Produced in Spain, Italy, Greece, France and most other Mediterranean countries, the flavour of olive oil varies enormously depending on the soil, climate and olive type. Single estate olive oils are like fine wines and are the most expensive and valued.
Olive oil can be widely used in cooking, for frying, in salad dressings, in marinades and even in baking. Use light olive oil for mayonnaise, serve good quality extra virgin olive oil to dip bread into with a little balsamic vinegar, or drizzle over grilled meats and pasta recipes.
Extra virgin olive oil is the most expensive, made from the first cold pressing of the oil, it has the lowest acidity and the most flavour of all olive oils.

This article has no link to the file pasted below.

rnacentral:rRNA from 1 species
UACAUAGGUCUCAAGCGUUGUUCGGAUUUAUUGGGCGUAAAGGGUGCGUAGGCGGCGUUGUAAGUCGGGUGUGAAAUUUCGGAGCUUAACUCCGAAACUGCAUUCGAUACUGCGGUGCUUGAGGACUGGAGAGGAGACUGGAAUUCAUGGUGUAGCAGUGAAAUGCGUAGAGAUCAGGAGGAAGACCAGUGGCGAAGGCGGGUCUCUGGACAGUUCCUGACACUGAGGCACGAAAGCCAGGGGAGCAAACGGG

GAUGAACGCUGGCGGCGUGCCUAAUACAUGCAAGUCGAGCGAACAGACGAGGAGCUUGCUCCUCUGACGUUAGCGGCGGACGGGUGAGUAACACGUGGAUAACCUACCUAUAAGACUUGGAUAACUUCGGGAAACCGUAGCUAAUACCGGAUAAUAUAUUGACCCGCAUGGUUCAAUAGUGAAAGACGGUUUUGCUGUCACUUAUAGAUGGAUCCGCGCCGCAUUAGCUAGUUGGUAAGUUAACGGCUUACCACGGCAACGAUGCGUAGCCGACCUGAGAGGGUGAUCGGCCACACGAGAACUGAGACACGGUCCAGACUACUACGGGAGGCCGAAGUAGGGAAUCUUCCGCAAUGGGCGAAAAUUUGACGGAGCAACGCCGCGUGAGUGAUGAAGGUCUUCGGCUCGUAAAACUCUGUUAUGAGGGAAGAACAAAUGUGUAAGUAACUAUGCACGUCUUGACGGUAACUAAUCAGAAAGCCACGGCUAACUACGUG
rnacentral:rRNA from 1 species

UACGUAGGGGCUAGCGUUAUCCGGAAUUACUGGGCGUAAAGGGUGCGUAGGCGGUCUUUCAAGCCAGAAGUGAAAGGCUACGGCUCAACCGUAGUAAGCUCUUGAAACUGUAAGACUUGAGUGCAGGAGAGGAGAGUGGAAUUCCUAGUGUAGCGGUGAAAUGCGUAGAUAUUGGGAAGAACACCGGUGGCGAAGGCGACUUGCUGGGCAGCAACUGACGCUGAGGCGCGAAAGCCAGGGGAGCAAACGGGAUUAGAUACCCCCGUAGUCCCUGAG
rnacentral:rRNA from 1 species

Virgin olive oil is extracted from the first cold pressing of the olives. It is natural and pure and has no other oils added to it.
Pure Olive Oil is taken from the second pressing of the olives. Heat is used to help extract the oil, which gives fattier, more acid oil which is blended with first pressing oil to make branded oils.
Light olive oil is produced from the last pressing, so has a very mild flavour and is ideal for salad dressing, and mayonnaise.
Olive oil has a low flash point and will burn if heated too high, so is not suitable for deep frying.